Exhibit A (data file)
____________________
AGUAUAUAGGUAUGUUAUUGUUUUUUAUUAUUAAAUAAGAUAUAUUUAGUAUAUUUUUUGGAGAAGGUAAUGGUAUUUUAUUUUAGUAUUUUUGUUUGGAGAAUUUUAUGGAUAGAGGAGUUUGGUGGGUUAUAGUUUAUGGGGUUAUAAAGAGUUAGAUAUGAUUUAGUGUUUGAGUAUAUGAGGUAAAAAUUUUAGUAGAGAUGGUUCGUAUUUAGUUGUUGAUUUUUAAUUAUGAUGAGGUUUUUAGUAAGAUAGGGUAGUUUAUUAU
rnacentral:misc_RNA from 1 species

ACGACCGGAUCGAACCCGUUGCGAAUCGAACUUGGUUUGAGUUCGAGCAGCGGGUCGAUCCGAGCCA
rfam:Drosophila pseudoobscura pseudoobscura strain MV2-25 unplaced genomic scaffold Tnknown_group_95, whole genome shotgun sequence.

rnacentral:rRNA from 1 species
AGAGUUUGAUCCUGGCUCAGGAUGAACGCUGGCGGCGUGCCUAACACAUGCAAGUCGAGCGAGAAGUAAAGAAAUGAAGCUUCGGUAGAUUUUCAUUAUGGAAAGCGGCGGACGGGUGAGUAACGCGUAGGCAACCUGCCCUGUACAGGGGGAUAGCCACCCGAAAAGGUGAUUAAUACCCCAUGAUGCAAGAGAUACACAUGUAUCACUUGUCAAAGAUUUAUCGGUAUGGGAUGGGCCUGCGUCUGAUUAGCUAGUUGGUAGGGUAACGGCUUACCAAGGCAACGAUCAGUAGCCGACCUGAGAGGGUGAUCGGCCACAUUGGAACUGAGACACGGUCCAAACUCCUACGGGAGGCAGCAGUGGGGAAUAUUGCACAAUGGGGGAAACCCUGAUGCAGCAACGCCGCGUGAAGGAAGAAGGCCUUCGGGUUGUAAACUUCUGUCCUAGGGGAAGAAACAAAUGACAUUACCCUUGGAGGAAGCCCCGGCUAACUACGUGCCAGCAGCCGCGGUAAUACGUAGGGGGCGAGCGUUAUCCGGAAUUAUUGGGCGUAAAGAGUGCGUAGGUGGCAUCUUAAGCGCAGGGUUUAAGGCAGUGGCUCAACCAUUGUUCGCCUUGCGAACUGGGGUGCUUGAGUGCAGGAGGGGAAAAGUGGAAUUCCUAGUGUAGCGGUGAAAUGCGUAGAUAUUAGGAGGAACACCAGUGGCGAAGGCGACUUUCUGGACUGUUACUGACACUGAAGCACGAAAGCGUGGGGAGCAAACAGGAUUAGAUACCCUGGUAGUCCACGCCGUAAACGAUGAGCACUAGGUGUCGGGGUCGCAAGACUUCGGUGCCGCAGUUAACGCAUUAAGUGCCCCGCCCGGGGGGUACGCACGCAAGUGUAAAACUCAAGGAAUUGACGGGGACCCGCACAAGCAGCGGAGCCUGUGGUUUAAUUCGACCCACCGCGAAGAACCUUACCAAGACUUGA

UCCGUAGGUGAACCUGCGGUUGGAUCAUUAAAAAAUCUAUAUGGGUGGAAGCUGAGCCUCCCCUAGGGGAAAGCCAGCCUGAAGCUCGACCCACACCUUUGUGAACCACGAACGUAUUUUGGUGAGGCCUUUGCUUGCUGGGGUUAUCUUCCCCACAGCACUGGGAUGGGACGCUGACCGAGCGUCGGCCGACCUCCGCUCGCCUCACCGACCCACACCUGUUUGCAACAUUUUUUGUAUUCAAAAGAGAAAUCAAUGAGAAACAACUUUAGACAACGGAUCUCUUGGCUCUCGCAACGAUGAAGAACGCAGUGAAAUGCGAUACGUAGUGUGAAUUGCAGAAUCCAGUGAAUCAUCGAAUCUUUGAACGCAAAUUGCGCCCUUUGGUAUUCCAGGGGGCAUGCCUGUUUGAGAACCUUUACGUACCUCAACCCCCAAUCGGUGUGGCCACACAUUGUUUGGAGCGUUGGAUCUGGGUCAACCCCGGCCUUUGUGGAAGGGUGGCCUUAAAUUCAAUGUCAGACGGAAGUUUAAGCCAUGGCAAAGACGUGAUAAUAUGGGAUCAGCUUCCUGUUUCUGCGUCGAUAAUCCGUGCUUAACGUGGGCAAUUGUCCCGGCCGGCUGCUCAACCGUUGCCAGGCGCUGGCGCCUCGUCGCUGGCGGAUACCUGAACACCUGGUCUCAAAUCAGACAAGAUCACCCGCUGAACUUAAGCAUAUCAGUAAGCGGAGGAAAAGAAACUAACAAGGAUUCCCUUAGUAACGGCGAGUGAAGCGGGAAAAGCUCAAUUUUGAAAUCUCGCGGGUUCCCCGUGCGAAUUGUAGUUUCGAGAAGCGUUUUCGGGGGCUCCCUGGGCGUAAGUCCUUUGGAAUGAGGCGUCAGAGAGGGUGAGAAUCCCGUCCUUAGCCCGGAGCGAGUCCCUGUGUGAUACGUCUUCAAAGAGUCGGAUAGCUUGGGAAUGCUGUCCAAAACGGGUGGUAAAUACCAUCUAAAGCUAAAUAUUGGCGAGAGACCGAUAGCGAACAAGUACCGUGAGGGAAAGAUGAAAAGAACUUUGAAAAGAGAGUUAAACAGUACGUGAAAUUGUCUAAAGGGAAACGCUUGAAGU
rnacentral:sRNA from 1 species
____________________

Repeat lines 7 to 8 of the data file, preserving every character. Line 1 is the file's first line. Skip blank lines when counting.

UCCGUAGGUGAACCUGCGGUUGGAUCAUUAAAAAAUCUAUAUGGGUGGAAGCUGAGCCUCCCCUAGGGGAAAGCCAGCCUGAAGCUCGACCCACACCUUUGUGAACCACGAACGUAUUUUGGUGAGGCCUUUGCUUGCUGGGGUUAUCUUCCCCACAGCACUGGGAUGGGACGCUGACCGAGCGUCGGCCGACCUCCGCUCGCCUCACCGACCCACACCUGUUUGCAACAUUUUUUGUAUUCAAAAGAGAAAUCAAUGAGAAACAACUUUAGACAACGGAUCUCUUGGCUCUCGCAACGAUGAAGAACGCAGUGAAAUGCGAUACGUAGUGUGAAUUGCAGAAUCCAGUGAAUCAUCGAAUCUUUGAACGCAAAUUGCGCCCUUUGGUAUUCCAGGGGGCAUGCCUGUUUGAGAACCUUUACGUACCUCAACCCCCAAUCGGUGUGGCCACACAUUGUUUGGAGCGUUGGAUCUGGGUCAACCCCGGCCUUUGUGGAAGGGUGGCCUUAAAUUCAAUGUCAGACGGAAGUUUAAGCCAUGGCAAAGACGUGAUAAUAUGGGAUCAGCUUCCUGUUUCUGCGUCGAUAAUCCGUGCUUAACGUGGGCAAUUGUCCCGGCCGGCUGCUCAACCGUUGCCAGGCGCUGGCGCCUCGUCGCUGGCGGAUACCUGAACACCUGGUCUCAAAUCAGACAAGAUCACCCGCUGAACUUAAGCAUAUCAGUAAGCGGAGGAAAAGAAACUAACAAGGAUUCCCUUAGUAACGGCGAGUGAAGCGGGAAAAGCUCAAUUUUGAAAUCUCGCGGGUUCCCCGUGCGAAUUGUAGUUUCGAGAAGCGUUUUCGGGGGCUCCCUGGGCGUAAGUCCUUUGGAAUGAGGCGUCAGAGAGGGUGAGAAUCCCGUCCUUAGCCCGGAGCGAGUCCCUGUGUGAUACGUCUUCAAAGAGUCGGAUAGCUUGGGAAUGCUGUCCAAAACGGGUGGUAAAUACCAUCUAAAGCUAAAUAUUGGCGAGAGACCGAUAGCGAACAAGUACCGUGAGGGAAAGAUGAAAAGAACUUUGAAAAGAGAGUUAAACAGUACGUGAAAUUGUCUAAAGGGAAACGCUUGAAGU
rnacentral:sRNA from 1 species